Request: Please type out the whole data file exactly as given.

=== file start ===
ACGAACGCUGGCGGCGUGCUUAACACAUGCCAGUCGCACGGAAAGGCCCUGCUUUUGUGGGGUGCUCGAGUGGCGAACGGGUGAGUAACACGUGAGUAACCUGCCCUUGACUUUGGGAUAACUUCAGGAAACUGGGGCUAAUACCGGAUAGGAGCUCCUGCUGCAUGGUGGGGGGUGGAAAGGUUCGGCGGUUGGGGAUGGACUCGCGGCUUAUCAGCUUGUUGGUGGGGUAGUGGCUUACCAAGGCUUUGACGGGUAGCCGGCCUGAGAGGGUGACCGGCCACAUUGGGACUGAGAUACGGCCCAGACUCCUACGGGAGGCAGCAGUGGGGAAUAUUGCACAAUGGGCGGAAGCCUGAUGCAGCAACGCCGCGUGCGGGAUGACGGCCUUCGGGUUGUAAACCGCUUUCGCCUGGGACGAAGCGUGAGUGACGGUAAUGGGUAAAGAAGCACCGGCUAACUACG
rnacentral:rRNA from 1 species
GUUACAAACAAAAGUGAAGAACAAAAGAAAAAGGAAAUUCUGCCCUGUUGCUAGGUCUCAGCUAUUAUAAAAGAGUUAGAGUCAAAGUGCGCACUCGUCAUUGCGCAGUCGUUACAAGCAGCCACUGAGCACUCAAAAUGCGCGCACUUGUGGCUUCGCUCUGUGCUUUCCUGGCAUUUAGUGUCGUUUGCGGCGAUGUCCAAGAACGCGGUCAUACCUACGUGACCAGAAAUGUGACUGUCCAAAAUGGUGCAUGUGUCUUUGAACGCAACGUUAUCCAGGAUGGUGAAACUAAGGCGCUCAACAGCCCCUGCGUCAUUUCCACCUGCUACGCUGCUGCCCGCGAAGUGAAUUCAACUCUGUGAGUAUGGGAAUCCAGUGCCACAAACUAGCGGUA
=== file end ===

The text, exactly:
ACGAACGCUGGCGGCGUGCUUAACACAUGCCAGUCGCACGGAAAGGCCCUGCUUUUGUGGGGUGCUCGAGUGGCGAACGGGUGAGUAACACGUGAGUAACCUGCCCUUGACUUUGGGAUAACUUCAGGAAACUGGGGCUAAUACCGGAUAGGAGCUCCUGCUGCAUGGUGGGGGGUGGAAAGGUUCGGCGGUUGGGGAUGGACUCGCGGCUUAUCAGCUUGUUGGUGGGGUAGUGGCUUACCAAGGCUUUGACGGGUAGCCGGCCUGAGAGGGUGACCGGCCACAUUGGGACUGAGAUACGGCCCAGACUCCUACGGGAGGCAGCAGUGGGGAAUAUUGCACAAUGGGCGGAAGCCUGAUGCAGCAACGCCGCGUGCGGGAUGACGGCCUUCGGGUUGUAAACCGCUUUCGCCUGGGACGAAGCGUGAGUGACGGUAAUGGGUAAAGAAGCACCGGCUAACUACG
rnacentral:rRNA from 1 species
GUUACAAACAAAAGUGAAGAACAAAAGAAAAAGGAAAUUCUGCCCUGUUGCUAGGUCUCAGCUAUUAUAAAAGAGUUAGAGUCAAAGUGCGCACUCGUCAUUGCGCAGUCGUUACAAGCAGCCACUGAGCACUCAAAAUGCGCGCACUUGUGGCUUCGCUCUGUGCUUUCCUGGCAUUUAGUGUCGUUUGCGGCGAUGUCCAAGAACGCGGUCAUACCUACGUGACCAGAAAUGUGACUGUCCAAAAUGGUGCAUGUGUCUUUGAACGCAACGUUAUCCAGGAUGGUGAAACUAAGGCGCUCAACAGCCCCUGCGUCAUUUCCACCUGCUACGCUGCUGCCCGCGAAGUGAAUUCAACUCUGUGAGUAUGGGAAUCCAGUGCCACAAACUAGCGGUA